What UFOs Mean for Why People Don't Trust Science

The history of ufology shows the complex psychology of fringe beliefs.

The Amalgamated Flying Saucer Club of America, which headquarters in Los Angeles, released this 1963 photo taken by a member reportedly showing a flying saucer. (Bettman / Corbis)

“I have thought all the known quantities over in the case of these objects and arrive at a not too unreasonable answer. The answer is that these objects are unknown, definitely and positively.”

So said a U.S. Air Force sergeant in 1953, trying to explain to investigators (and, I suspect, to himself), what he had seen, standing on a roof on an August night, watching three well-lit, color-changing objects fly by. His statement, which can be read on Project Blue Book Archive, a site devoted to supporting “serious UFO research,” gets at a fundamental misunderstanding of the people who believe in UFOs—that they are anti-science.

In a recent paper published in Public Understanding of Science, Greg Eghigian, an associate professor of modern history at Penn State University, traces the history of ufology and its relationship with mainstream science, arguing that the mistrust between the two was not because ufologists were ignorant about science. And his analysis holds lessons for understanding other beliefs that run counter to scientific evidence.

Take the Air Force guy—maybe he was an amateur ufologist, or maybe he was just a person who saw something in the sky he couldn’t explain, but he hardly seems to be spouting blind, irrational belief. Rather, he seems to be trying for a Sherlock Holmesian deduction—he’s reviewed the “known quantities” and is trying to arrive at the most logical answer he can, which is that “this was something that I have never seen before or since.”

Many ufologists, Eghigian says, have tried to go about their inquiries logically and systematically, usually by one of two methods. They would either come up with ways to code reports of UFO sightings so they could be statistically analyzed, or they would do detailed case studies.

“These folks were trying to do what scientists do,” he says. “They were trying to model and mimic all the trappings of scientific practice.”

But from the beginning, mainstream science was not welcoming to hypotheses about UFOs, especially not that they could be extraterrestrial in origin. When the first reports of disks and strange lights in the sky appeared in the years after World War II, several governments did collect and analyze these stories. The U.S. Central Intelligence Agency theorized that they could be foreign weapons, or maybe a mass hysteria, (“midsummer madness,” officials said in 1952) that could be another kind of security threat.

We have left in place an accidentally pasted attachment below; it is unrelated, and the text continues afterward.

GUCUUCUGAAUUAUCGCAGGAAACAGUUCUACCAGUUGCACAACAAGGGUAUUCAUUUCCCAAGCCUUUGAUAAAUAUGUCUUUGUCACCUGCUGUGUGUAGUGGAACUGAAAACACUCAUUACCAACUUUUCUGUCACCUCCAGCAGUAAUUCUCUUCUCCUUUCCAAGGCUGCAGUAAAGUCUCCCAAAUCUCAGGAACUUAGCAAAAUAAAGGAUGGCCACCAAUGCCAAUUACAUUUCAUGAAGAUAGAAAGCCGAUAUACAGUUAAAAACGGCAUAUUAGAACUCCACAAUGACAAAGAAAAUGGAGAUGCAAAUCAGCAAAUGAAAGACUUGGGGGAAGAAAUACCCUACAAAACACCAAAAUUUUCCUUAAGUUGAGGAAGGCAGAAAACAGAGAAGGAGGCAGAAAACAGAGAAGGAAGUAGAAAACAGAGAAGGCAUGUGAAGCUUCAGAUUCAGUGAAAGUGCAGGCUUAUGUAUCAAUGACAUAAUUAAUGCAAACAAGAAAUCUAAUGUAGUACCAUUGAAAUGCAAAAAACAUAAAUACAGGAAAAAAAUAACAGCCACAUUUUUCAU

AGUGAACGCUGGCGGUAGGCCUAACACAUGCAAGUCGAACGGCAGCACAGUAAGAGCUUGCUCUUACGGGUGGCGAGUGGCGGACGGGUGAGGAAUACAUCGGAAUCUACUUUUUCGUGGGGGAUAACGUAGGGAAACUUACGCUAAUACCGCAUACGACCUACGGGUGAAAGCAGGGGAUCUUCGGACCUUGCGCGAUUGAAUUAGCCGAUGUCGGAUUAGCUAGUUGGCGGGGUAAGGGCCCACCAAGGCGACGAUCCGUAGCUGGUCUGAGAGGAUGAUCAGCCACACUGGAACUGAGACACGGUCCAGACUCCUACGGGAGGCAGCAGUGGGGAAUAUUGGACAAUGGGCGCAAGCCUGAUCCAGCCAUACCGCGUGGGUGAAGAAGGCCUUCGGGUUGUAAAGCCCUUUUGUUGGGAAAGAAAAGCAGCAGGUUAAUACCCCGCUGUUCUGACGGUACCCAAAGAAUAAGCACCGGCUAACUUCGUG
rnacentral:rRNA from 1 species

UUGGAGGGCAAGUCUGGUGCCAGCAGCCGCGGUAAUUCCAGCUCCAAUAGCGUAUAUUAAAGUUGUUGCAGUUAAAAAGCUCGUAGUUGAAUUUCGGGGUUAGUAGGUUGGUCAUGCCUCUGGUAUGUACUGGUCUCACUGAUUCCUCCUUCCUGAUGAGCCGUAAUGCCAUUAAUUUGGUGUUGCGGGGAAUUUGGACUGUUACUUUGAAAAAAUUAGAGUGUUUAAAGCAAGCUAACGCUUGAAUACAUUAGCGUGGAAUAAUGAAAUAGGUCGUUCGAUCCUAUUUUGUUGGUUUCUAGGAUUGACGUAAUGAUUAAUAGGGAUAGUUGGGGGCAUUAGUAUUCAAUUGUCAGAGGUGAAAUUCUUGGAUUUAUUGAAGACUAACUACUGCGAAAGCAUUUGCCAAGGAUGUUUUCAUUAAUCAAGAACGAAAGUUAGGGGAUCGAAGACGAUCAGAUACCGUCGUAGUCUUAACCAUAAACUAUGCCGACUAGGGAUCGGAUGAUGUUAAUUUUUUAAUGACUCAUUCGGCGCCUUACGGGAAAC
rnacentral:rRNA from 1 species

A few academics engaged with the UFO question (the University of Colorado psychologist David Saunders came up with a widely-used coding system, for one), but not many. For the most part, academia saw the study of UFOs as illegitimate.

This viewpoint was solidified when a University of Colorado commission on UFOs released a report in 1968, writing “nothing has come from the study of UFOs in the past 21 years that has added to scientific knowledge.” After that, though not solely because of it, the U.S. Air Force stopped studying UFOs, and with the notable exception of the Search for Extraterrestrial Intelligence (SETI), the natural sciences mostly left aliens alone, too.

But the human sciences started to take an interest starting in the 1970s (though there had been a few studies in earlier decades), not in identifying the flying objects but in identifying what made people believe in them. I asked Eghigian if it changed at all the nature of the mistrust between the two groups, that ufologists had finally started to get attention from mainstream scientists, but it was their persons rather than their hypotheses that were the objects of study.

“It’s a good question to ponder,” he says. “Offhand my initial instinct would be to say that all it did was to reinforce a sense of frustration.”

“I do think it’s very interesting,” he adds, “that the phenomenon of talking about alien abduction by and large really only takes shape and gets any kind of momentum in the 1970s and 1980s … Once academic science starts to talk about believers as subjects for experimental investigation or clinical analysis that’s when you start to see more strings of reports of alien abduction, which tend to involve what? Human experimentation.”